Dignifying The Dying

Catholic Communications, Sydney Archdiocese,
13 Nov 2015

Confronting the pain and suffering of a dying person calls for a human solution, not a medical fix

Instead of reducing a person to their condition and then eliminating the condition by ending the life of a suffering person, Australians are being encouraged to the higher goal of respecting the lives of the suffering with good palliative care and personal ¬accompaniment - "dignifying the dying" rather than "dying with dignity."
Pushing popular slogans, such as dying with dignity, in the battle for legalised euthanasia is dishonest and just a lie.
"Adopting emotive slogans to bolster one's own position, while belittling the reasoning of your opponent, might pass as acceptable in political engineering but it is not a ploy that should determine debate over the life and death of fellow human beings, our neighbours," according to the Australian Catholic Bishop's spokesman on euthanasia and Bishop of Broken Bay, Bishop Peter A Comensoli.

The conversation over the legalisation of euthanasia has been reignited this week after comedian and television personality Andrew Denton began campaigning for legislative change.  He delivered the annual Di Gribble lecture on the topic of An Argument for Assisted Suicide in Australia.  He has also announced that he will launch a podcast series titled Better Off Dead next year, further pushing the campaign to introduce both assisted suicide and euthanasia in Australia.

Mr Denton also gave a number of radio and television programs, and featured heavily on Monday night's Q&A episode which focussed on the push to legalise assisted suicide and euthanasia in Australia.

Following this, Bishop Peter Comensoli wrote an opinion article for the Daily Telegraph which ran under the title "Dying with dignity is just a lie" (

Bishop Comensoli challenged the "dying with dignity" slogan as a euphemism which purports to speak of something ennobling when its true meaning was "entirely menacing."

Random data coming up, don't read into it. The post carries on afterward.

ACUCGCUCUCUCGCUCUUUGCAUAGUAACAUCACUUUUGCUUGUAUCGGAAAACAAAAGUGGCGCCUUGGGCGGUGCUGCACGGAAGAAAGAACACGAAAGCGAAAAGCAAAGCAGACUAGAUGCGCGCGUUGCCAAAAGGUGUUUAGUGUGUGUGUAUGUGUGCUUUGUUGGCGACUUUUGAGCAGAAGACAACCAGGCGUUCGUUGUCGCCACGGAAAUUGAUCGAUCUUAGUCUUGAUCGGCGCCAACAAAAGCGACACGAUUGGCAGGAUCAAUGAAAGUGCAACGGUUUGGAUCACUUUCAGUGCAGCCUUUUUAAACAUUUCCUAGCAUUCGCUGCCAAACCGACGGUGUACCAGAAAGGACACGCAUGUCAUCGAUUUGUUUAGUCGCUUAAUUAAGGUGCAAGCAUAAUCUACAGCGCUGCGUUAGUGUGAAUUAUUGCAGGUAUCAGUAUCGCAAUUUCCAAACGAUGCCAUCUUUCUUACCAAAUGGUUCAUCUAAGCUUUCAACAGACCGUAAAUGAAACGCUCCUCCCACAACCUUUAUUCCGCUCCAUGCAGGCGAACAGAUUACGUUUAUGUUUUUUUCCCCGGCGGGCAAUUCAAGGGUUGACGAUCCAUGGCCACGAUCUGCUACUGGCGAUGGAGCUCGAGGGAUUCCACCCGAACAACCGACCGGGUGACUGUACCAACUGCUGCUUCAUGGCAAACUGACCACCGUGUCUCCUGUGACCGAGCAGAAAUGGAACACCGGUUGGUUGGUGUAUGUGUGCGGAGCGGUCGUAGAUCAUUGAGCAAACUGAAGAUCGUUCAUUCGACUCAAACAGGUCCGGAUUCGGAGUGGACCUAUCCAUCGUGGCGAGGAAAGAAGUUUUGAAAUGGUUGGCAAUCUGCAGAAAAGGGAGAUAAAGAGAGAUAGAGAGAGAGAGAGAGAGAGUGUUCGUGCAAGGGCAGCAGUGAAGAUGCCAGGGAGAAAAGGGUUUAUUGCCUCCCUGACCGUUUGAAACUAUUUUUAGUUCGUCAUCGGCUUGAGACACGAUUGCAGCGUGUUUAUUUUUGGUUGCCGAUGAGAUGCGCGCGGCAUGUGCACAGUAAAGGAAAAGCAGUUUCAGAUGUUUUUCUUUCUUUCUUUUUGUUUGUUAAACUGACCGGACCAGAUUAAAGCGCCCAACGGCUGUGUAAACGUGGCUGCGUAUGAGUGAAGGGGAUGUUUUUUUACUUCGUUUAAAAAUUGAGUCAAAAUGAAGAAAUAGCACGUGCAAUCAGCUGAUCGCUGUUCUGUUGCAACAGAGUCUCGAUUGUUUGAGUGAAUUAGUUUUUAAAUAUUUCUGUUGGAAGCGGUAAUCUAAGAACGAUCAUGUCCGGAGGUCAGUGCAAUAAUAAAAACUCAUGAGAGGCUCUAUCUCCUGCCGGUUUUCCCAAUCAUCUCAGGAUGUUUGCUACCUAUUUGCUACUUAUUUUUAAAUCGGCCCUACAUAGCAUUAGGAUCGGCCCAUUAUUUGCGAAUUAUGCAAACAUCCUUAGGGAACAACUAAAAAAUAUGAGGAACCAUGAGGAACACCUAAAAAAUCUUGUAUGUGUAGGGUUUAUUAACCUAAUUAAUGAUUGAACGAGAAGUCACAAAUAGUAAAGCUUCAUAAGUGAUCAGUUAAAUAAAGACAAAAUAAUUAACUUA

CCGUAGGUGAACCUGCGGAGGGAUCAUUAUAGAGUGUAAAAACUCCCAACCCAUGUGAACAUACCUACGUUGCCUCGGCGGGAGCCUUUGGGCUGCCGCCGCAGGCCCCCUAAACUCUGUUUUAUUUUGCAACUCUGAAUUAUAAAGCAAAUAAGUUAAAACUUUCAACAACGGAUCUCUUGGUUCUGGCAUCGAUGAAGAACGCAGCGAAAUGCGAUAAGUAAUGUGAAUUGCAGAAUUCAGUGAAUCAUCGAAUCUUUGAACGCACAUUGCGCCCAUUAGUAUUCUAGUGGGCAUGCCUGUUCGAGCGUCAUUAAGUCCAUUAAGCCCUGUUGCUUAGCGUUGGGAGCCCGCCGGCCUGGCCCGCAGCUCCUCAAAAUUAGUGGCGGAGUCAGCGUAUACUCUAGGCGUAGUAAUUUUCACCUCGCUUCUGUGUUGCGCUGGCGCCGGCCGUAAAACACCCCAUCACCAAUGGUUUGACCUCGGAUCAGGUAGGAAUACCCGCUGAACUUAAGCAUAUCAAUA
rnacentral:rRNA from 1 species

Rather than buying into the dishonest euphemism of "dying with dignity", we would do better, and more human, by dignifying the lives of the dying - Bishop Peter A Comensoli.

After the article was published, Bishop Comensoli spoke to 2UE's Justin Smith.  He explained that the various forms of euthanasia legislation which have been proposed seek to medicalise rather than humanise the reality of dying.  He challenged another euphemism, that of "ending suffering." "This is not about ending suffering as such, this is about ending lives," he said.  "That's what euthanasia does, ends lives."

He also noted the substantial increase in the number of people seeking euthanasia in the Netherlands, where it has been legal for more than a decade and the "bracket creep" of the euthanasia laws.  Statistics show that euthanasia deaths in the Netherlands have tripled in the period between 2002 and 2013, and deaths are increasing at a rate of around 25% each year in Belgium.  Reports also indicate that euthanasia is becoming increasingly available to those who are not terminally ill.   Twins who were hearing impaired, a woman who had been experiencing persistent suicidal thoughts and a patient whose gender reassignment surgery had been unsuccessful were all euthanised under the Belgian legislation.

Bishop Comensoli also provided the recent submission on behalf of the Australian Catholic Bishops Conference into the current Victorian inquiry into end of life choices.  The submission called the proposal to overturn the prohibition on the intentional killing of citizens "ethically unjustifiable."  Additionally, such a law could not ensure the legal protection of the vulnerable and would fail to uphold the dignity of the dying.

Bishop Comensoli is a member of the Bishops Commission for Family, Youth and Life and served as the Episcopal Vicar for Life, Marriage and Family for the Archdiocese of Sydney before being appointed as the third Bishop of the Diocese of Broken Bay.  Among his other qualifications, he holds a Master of Letters in Moral Philosophy from the University of St Andrews and a Doctorate of Philosophy in Theological Ethics from the University of Edinburgh.
You can read the full submission on end of life choices here.  and the interview with Justin Smith is available here.